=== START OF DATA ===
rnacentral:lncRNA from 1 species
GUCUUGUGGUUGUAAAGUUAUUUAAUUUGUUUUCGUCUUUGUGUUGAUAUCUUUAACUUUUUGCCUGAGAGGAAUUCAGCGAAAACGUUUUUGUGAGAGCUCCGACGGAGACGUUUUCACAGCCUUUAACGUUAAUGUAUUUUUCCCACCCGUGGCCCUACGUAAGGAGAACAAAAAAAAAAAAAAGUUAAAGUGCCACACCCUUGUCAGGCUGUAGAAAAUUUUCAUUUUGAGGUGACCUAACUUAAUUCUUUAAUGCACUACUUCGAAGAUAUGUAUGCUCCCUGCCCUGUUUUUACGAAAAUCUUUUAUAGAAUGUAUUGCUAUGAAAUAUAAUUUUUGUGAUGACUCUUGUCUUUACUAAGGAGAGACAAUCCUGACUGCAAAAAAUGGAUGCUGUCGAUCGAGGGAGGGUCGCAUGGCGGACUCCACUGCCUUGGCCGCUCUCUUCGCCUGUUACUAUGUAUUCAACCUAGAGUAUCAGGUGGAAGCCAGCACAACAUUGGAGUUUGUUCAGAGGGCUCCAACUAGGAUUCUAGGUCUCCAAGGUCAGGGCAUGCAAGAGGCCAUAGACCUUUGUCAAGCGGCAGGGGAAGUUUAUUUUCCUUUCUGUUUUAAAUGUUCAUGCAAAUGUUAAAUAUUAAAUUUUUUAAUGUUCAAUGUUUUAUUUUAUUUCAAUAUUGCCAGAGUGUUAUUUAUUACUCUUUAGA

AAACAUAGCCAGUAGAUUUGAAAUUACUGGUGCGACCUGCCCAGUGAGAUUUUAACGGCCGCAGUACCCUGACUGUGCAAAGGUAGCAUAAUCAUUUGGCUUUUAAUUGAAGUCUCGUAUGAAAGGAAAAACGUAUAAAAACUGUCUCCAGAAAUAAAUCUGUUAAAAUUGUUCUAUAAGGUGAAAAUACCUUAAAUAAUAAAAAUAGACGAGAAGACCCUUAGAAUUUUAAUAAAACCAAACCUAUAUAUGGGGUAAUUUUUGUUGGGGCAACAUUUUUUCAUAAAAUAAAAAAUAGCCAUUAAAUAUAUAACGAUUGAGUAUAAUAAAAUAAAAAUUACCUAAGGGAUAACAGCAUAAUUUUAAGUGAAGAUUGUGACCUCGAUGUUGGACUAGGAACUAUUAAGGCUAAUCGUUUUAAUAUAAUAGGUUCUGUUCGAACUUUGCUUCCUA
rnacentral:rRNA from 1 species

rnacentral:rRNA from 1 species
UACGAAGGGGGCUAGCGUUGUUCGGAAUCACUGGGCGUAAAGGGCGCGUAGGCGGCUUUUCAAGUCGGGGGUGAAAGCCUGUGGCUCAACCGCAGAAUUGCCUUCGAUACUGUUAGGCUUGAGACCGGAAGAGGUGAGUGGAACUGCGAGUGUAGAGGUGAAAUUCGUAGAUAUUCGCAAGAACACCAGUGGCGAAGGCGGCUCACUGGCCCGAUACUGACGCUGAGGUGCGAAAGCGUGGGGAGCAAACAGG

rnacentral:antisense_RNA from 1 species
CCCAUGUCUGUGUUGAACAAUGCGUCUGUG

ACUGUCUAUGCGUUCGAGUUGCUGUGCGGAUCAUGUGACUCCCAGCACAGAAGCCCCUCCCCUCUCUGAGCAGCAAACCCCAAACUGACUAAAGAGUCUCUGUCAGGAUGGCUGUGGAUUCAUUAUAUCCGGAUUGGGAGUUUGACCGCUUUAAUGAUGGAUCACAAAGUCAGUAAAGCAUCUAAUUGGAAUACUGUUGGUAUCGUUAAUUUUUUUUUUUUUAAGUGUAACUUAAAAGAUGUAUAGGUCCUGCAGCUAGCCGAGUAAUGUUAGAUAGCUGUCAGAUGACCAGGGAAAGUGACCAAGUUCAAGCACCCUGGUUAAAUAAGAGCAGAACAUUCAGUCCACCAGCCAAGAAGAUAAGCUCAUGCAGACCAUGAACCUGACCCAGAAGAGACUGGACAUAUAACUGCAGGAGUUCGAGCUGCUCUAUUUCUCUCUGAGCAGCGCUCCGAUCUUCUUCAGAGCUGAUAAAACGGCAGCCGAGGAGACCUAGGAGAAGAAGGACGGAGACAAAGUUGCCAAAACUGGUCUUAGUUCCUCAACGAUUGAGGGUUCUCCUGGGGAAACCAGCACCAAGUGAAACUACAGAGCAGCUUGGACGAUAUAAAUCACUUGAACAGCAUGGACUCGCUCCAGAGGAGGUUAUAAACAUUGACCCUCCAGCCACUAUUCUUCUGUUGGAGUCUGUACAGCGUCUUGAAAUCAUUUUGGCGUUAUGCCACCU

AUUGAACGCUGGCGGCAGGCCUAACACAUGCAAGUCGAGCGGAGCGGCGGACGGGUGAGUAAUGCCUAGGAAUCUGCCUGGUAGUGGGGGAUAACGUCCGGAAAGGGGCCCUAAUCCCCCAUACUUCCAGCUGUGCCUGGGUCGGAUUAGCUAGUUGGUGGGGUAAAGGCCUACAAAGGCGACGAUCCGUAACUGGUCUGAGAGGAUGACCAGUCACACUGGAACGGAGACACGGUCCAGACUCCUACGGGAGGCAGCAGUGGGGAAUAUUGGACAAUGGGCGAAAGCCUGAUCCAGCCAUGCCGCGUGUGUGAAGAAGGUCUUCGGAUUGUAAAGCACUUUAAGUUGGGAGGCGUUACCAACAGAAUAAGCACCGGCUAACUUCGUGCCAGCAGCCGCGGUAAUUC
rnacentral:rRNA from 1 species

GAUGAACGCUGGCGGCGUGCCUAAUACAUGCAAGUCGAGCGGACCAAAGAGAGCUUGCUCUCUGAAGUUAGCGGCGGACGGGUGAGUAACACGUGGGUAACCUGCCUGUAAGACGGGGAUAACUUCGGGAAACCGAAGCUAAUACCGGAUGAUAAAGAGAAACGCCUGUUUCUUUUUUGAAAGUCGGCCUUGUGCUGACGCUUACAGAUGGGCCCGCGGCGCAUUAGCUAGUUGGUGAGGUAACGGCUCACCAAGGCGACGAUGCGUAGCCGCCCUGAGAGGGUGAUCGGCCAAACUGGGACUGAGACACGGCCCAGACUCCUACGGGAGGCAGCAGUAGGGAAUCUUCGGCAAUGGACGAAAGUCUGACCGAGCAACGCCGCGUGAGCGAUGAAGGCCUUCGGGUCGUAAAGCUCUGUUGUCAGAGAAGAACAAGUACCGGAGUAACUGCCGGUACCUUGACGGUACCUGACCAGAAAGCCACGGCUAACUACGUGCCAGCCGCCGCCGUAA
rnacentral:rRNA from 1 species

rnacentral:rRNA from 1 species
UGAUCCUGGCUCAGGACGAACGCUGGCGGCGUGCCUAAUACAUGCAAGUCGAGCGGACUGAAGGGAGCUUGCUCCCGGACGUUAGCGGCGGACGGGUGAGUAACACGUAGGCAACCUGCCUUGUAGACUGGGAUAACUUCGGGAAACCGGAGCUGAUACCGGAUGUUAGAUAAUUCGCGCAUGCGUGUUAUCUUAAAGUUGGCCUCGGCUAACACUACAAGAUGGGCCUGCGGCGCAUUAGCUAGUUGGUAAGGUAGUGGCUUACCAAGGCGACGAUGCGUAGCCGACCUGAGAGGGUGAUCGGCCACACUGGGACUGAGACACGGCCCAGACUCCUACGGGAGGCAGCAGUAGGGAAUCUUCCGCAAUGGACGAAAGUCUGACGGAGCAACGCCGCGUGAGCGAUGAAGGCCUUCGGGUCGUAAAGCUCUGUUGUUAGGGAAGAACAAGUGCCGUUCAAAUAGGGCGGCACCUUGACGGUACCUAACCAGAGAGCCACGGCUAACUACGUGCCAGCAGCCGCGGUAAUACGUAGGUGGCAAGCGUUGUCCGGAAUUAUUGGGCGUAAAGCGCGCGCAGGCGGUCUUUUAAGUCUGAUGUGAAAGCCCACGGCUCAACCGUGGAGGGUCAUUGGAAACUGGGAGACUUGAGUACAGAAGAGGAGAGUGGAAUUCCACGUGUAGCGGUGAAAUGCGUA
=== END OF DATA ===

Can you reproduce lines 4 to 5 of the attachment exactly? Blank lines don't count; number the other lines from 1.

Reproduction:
rnacentral:rRNA from 1 species

rnacentral:rRNA from 1 species